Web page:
I received this book for free from Entangled Publishing in exchange for an honest review. This does not affect my opinion of the book or the content of my review.The Scandalous Diary of Lily Layton by Stacy Reid
Published by Entangled Publishing, LLC (Scorched) on February 18, 2019
Genres: Historical, Romance
Source: Entangled Publishing
Amazon, Barnes & Noble, iBooks
Beneath Lily Layton’s sweet and charming exterior beats the heart of a vixen—one with shocking and scandalous secrets and desires. But as a genteel lady, she confines her forbidden fantasies, like those about her employer’s devastatingly handsome son, to her diary…until she loses it.
Oliver Carlyle, Marquess of Ambrose, has finally found the perfect wife, a woman who will not hide from his dark, carnal cravings. He just needs to figure out who she is. When he has a secret rendezvous with a mysterious stranger, suddenly he starts to believe she might be the author of the diary.
He’s determined to find out who his mystery woman is…
His biggest fear—and deepest fantasy—is she may be the one woman he cannot have.
As far as I can tell this is the first book I’ve read by Stacy Reid. Overall, I liked it, but the issues I had were enough for me to knock it down to a solid two stars.
First the good – this book was hot, hot, hot. Lily Layton has a lot of unfulfilled desires that she’s only comfortable writing in her diary, not discussing with anyone. She tried to bring them up to her late husband, but not only was he not interested, he took them as personal affronts, punishing her and shaming her for her sexual needs. So they remained unfulfilled and she wrote them down. But then she lost her diary, and it was found by Oliver Carlyle, the subject of most of her fantasies. He’s intrigued and sets out to discover which of the ladies currently in residence at his mother’s house party could have written what amounts to his own personal fantasies down in this diary. He’s determined to find her, and he does. In the secret tunnels of the house where he and Lily encounter each other in the dark, acting out her most erotic fantasies. Once they do discover each other’s identities, it becomes clear that they’ll never be able to end up together; the class differences are too great.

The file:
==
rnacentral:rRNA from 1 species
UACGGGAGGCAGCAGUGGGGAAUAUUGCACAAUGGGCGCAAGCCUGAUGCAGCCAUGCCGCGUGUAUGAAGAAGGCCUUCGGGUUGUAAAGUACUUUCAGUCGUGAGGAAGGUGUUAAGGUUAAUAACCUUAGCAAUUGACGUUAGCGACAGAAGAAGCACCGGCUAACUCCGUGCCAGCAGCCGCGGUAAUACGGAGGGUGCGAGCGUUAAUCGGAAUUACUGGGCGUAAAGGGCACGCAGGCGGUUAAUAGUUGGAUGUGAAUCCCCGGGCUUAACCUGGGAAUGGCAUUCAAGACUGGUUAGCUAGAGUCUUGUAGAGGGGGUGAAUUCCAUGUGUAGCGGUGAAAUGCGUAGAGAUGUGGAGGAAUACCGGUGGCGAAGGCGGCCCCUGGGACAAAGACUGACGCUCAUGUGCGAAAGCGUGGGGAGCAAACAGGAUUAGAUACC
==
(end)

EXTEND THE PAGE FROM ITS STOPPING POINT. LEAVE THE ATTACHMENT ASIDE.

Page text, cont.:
Then not-so-good – There’s a lot of emphasis on Lily’s infertility. She’s still young, only in her twenties, but she’s been married twice and has never been pregnant. True, neither of those marriages involved sex more than occasionally, but Lily has spoken to doctors about the issue, and it’s been made clear that she will not bear children. One of Oliver’s main reasons for wanting to get married is to have a family, and he’s clear on that, but Lily hides her infertility from him until after they’re married. He’s understandably upset by this news, but that’s ok, because apparently all it takes to “cure” infertility is time and lots and lots of sex. If Lily hadn’t been classified as actually being infertile, if she had just not become pregnant because her previous 2 husbands hadn’t sexed her up enough, that would be one thing. But that’s not the story we’re given, and I didn’t love that Stacy Reid went this way with it. I don’t like at all that Lily hid it from Oliver to start with, and I really don’t like that all it took was Oliver’s magic sperm, and she’s magically pregnant, with twins no less.
The other issue I had with it is a smaller issue, but no less disturbing. It’s established very early on that Oliver’s father is a large steaming pile of shit. Cheated on his wife, forced his staff to have sex with him, etc. Just a really terrible human. Fine. That’s pretty standard in a lot of the historicals I’ve read. Sort of like Hallmark movies and the dead parents of our main characters. What sets Oliver’s father apart for me is that it’s revealed at one point that he raped a fourteen-year-old maid. Well, it’s not classified as rape, which is problem number one. It’s just presented as “I found my dad ‘tupping’ a fourteen-year-old maid”, and while Lily is stunned by it, she’s more upset about the fact that none of his father’s servants could have turned him down without losing their jobs than she is by the fact of the rape of a young girl. Even in that same conversation, Oliver refers to it as his father’s “proclivity” and declares that he still loves him, and Lily says that it’s the best kind of love, knowing someone’s faults and loving them still. This is not a fault. Talking constantly during movies is a fault. Chewing ice is a fault. Thinking milk chocolate is better than dark chocolate is a fault. Repeatedly raping your staff, including fourteen-year-old girls, is not a fault. You’re a rapist. Oliver’s father is a rapist, and deciding to toss it off as an unfortunate quirk and claim that it’s not enough for you to not love him anymore isn’t ok. None of this is ok. And it could have been left out. Oliver’s dad is a rapist and a pile of shit for what he does to his staff alone. Throwing in the fourteen-year-old was unnecessary.